How to be an open business analyst

3 skills a successful business analyst needs

Business analysts are important interfaces between industry and the organization. They do their best work when they operate openly.

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The "business analyst" is a relatively new concept. In fact, as a recognized job title, it's existed for less than six years. Ideas about exactly what a business analyst is and should do as part of their organizations are emerging rapidly.

In general, however, people tend to agree that the business analyst—or the "BA," as some call us—holds the keys to communication between the business and the broader software development industry. As that industry changes—and starts moving faster—it's essential for a business analyst to collaborate effectively with sponsors, project managers, stakeholders, and developers. And on top of that, the introduction of DevOps into more and more working environments means software integration will also move more quickly—and require new management of the multiple teams associated with it. This emergence is especially challenging for business analysts as they rethink their roles and adapt their skill sets.

The key to being a successful BA (no matter your industry, area of expertise, or project methodology) is to be open.

The open business analyst

In The Open Organization, Jim Whitehurst defines an open organization as one that "inspires, motivates, and empowers people at all levels to act with accountability." As effectors of change in an organization, business analysts must inspire, motivate and empower stakeholders and developers.

More specifically, there are three steps to mastering openness as a business analyst: look, listen, and learn.

Look for opportunities to (as Jim puts it) inspire, motivate, and empower the stakeholders. Begin all requirement gathering sessions with ground rules that empower the stakeholders to speak without fear. Remind the stakeholders that they are needed because they are the experts. They hold the knowledge the project needs. Be aware of their participation and acknowledge the importance of it. This will motivate not only individual stakeholders to participate, but others as well. This works well, too, when explaining requirements to developers. Look for signs that they may not understand the requirements, and encourage them to speak up and discuss concerns and questions.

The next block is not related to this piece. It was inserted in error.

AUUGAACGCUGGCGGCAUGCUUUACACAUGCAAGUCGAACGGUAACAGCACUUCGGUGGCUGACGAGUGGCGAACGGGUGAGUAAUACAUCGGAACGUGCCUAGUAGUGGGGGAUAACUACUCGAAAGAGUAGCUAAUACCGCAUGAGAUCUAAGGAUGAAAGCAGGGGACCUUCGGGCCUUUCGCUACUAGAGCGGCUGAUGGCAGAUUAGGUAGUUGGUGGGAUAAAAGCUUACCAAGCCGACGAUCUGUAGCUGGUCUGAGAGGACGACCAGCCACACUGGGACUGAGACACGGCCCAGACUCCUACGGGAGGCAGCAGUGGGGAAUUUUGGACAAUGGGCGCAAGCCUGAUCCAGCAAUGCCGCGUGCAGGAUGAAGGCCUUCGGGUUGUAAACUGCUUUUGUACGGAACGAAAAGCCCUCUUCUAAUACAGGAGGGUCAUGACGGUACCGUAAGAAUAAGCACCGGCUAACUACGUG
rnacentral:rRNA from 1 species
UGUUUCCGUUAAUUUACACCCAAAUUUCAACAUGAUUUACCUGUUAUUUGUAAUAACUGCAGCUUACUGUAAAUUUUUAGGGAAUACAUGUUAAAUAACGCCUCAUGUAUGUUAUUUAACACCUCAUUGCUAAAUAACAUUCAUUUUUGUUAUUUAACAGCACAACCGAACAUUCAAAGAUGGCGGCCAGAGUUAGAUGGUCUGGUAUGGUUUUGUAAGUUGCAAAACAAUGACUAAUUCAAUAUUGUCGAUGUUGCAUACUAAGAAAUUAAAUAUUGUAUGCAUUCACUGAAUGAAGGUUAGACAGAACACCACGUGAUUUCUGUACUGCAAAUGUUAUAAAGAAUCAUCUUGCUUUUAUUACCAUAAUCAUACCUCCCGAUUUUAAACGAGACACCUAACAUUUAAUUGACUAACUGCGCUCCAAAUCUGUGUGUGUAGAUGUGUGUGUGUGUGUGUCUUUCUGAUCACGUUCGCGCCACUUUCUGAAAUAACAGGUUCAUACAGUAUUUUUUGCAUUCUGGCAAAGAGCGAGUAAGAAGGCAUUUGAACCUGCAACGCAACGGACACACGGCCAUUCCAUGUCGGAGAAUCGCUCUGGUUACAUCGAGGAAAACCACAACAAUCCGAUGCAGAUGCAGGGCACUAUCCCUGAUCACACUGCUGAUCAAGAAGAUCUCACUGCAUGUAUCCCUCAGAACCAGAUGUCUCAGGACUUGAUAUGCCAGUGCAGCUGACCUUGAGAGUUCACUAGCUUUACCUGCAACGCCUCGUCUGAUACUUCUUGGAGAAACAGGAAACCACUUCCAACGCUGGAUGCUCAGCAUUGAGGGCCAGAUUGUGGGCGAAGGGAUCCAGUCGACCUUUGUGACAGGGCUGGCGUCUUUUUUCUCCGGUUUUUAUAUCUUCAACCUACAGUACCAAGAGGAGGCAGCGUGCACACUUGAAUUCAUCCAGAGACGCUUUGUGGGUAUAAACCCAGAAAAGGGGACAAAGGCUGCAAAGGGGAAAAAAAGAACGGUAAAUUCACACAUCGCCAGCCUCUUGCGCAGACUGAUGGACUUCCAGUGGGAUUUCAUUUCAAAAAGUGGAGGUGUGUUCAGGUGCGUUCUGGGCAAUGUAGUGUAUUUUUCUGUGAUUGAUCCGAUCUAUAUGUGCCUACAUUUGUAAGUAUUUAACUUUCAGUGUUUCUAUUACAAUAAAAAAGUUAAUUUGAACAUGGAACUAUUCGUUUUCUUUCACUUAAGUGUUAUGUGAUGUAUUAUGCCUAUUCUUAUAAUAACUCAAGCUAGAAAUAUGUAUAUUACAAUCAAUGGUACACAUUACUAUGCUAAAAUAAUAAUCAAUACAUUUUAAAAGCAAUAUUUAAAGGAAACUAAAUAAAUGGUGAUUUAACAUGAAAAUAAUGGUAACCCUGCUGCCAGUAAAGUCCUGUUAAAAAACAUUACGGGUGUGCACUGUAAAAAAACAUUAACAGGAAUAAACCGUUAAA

Listen—don't just hear. In the article, Listening: Our Most Used Communications Skill, Dick Lee and Delmar Hatesohl discuss the importance of listening. "A typical study," they write, "points out that many of us spend 70 to 80 percent of our waking hours in some form of communication. Of that time, we spend about 9 percent writing, 16 percent reading, 30 percent speaking, and 45 percent listening." In other words, nearly half of communication is listening, and for business analysts, that percentage could easily be much higher. We listen to project sponsors to determine the scope of the project. We listen to stakeholders as they explain what they need and want. And we listen to developers to ensure that they understand the requirements. There are many tips about how to be a better listener. The mistakes that are most common are interrupting the person speaking and planning your next statement without comprehending what the speaker has said. Be present in the moment with the sponsors, stakeholders and developers. Listening encourages more open participation.

More specifically, there are three steps to mastering openness as a business analyst: look, listen and learn.

Finally, learn, learn, learn! Learn something every day. Stay abreast of the new topics, ideas and techniques. Meet with other business analysts in your organization and in your area to to share ideas. Read The Open Organization Workbook to learn (from more than 25 managers, leaders, and consultants) tips for building organizations that are more transparent, inclusive, adaptable, collaborative, and communal. This workbook will help you earn about how recognize who you are as a leader and how to successfully effect change in your organization in an open way.

Business analysts are an integral part of the success of a project, but they cannot work alone. Becoming an open business analyst encourages sponsors, stakeholders, and developers to share their expertise, to collaborate, and to take accountability. Hold yourself accountable to be the best business analyst that you can be. Empower and motivate yourself each day and remember to look, listen, and learn.

About the author

Tracy Buckner - Tracy is the Project Manager for Communities of Practice at Red Hat. She is passionate about bringing business and technology together in creative ways to encourage full-circle feedback, transparency, and open communication. In her spare time, she is a writer and amateur photographer.